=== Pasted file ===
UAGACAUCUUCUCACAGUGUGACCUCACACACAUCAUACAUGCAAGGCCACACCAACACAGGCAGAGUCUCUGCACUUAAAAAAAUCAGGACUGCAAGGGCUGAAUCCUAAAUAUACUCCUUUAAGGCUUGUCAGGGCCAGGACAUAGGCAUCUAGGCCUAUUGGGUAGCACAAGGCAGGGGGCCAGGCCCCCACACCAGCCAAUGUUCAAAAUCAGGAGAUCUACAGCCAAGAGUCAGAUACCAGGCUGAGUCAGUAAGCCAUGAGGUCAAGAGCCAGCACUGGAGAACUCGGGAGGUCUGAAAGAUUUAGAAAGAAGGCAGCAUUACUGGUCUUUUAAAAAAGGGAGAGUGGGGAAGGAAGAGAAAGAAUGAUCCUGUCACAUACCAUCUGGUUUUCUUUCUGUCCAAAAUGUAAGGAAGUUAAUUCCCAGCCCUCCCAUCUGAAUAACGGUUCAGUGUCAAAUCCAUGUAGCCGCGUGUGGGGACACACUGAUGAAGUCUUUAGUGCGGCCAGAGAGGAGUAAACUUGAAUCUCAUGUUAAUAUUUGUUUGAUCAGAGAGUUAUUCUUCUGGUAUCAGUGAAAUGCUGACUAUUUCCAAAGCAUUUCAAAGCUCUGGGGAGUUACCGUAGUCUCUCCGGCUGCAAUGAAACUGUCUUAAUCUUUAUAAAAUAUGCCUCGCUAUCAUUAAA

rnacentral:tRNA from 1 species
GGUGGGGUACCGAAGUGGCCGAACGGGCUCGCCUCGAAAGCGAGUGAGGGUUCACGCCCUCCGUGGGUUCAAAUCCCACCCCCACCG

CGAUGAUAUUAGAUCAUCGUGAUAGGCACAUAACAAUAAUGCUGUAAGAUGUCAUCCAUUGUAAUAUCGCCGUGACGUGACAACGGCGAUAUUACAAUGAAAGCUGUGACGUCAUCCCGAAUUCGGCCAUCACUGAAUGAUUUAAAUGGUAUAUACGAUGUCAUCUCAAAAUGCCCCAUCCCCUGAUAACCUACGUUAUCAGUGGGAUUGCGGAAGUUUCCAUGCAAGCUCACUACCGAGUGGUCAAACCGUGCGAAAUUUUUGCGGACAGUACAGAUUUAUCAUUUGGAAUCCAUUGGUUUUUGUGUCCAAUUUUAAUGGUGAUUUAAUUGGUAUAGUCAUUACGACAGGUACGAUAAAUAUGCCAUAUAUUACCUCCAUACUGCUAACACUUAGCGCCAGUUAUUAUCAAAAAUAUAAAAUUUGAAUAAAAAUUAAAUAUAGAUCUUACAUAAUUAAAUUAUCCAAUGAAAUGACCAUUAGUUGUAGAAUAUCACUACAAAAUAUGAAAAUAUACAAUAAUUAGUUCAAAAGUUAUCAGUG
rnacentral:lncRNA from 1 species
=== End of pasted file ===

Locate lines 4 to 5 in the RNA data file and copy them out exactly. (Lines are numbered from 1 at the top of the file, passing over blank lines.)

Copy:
CGAUGAUAUUAGAUCAUCGUGAUAGGCACAUAACAAUAAUGCUGUAAGAUGUCAUCCAUUGUAAUAUCGCCGUGACGUGACAACGGCGAUAUUACAAUGAAAGCUGUGACGUCAUCCCGAAUUCGGCCAUCACUGAAUGAUUUAAAUGGUAUAUACGAUGUCAUCUCAAAAUGCCCCAUCCCCUGAUAACCUACGUUAUCAGUGGGAUUGCGGAAGUUUCCAUGCAAGCUCACUACCGAGUGGUCAAACCGUGCGAAAUUUUUGCGGACAGUACAGAUUUAUCAUUUGGAAUCCAUUGGUUUUUGUGUCCAAUUUUAAUGGUGAUUUAAUUGGUAUAGUCAUUACGACAGGUACGAUAAAUAUGCCAUAUAUUACCUCCAUACUGCUAACACUUAGCGCCAGUUAUUAUCAAAAAUAUAAAAUUUGAAUAAAAAUUAAAUAUAGAUCUUACAUAAUUAAAUUAUCCAAUGAAAUGACCAUUAGUUGUAGAAUAUCACUACAAAAUAUGAAAAUAUACAAUAAUUAGUUCAAAAGUUAUCAGUG
rnacentral:lncRNA from 1 species